Just when you think something is such a simple and basic principle, you realize that the basics are often the first to go and the first to be questioned. Let’s revisit the definition of done and dissect this…Including a very high level take on the GROWS idea.
There are certain events and people that make you see things more clearly. These are catalysts for change, change agents, breaths of fresh air, or taking off the rose colored glasses/beer goggles. As Agile coaches that is our job, to show teams that what they have been doing is not the only way of doing it. That there are other ways to see things. But what about the actual change? And what about the process that teams have to go through to get to the same vantage point? How do we address the grief cycle they need to go through?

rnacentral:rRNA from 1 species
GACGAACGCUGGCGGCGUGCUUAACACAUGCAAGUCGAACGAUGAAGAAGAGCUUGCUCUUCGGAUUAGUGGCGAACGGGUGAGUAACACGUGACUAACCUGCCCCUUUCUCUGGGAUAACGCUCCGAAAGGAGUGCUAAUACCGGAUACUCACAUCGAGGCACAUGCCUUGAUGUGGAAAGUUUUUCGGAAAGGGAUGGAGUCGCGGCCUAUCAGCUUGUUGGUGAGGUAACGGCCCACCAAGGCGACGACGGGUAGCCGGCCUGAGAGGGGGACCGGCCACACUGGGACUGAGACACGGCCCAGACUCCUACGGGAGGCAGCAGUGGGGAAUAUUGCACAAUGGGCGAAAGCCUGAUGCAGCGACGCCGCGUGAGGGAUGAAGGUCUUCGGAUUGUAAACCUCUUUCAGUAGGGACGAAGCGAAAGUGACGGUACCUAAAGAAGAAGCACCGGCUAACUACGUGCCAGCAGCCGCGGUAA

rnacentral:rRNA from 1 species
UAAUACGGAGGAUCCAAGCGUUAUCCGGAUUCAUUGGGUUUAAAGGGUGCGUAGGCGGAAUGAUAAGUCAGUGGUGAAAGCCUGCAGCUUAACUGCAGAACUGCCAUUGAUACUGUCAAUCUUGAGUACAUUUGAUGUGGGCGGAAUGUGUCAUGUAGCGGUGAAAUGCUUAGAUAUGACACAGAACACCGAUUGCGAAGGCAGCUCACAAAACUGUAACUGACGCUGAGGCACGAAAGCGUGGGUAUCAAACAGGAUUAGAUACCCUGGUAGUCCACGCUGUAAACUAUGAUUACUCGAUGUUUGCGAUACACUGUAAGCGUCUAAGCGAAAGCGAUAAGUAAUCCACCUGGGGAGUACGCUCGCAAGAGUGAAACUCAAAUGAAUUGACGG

Modern communication seems limitless. For low to no cost, I can communicate with almost anyone in the world, real time, using many different avenues. But with the convenience gained through these technological communication advances, we are losing things too. We are losing context, tone, intention, and presence
Introversion versus extroversion has been a hot topic over the past few years, especially since the release of Quiet by Susan Cain. In IT it is no different. Everyone knows the stereotype of the “typical developer” – the one who only wants to sit in their cube and code by him or herself all day. But it’s just that, a stereotype, based on some facts but not true for all. So how are we more inclusive of that person in Agile where collaboration, co-location, and teamwork are valued over solitude? Secondly, how do we encourage introverts to be leaders which is historically and stereotypical a role for extroverts?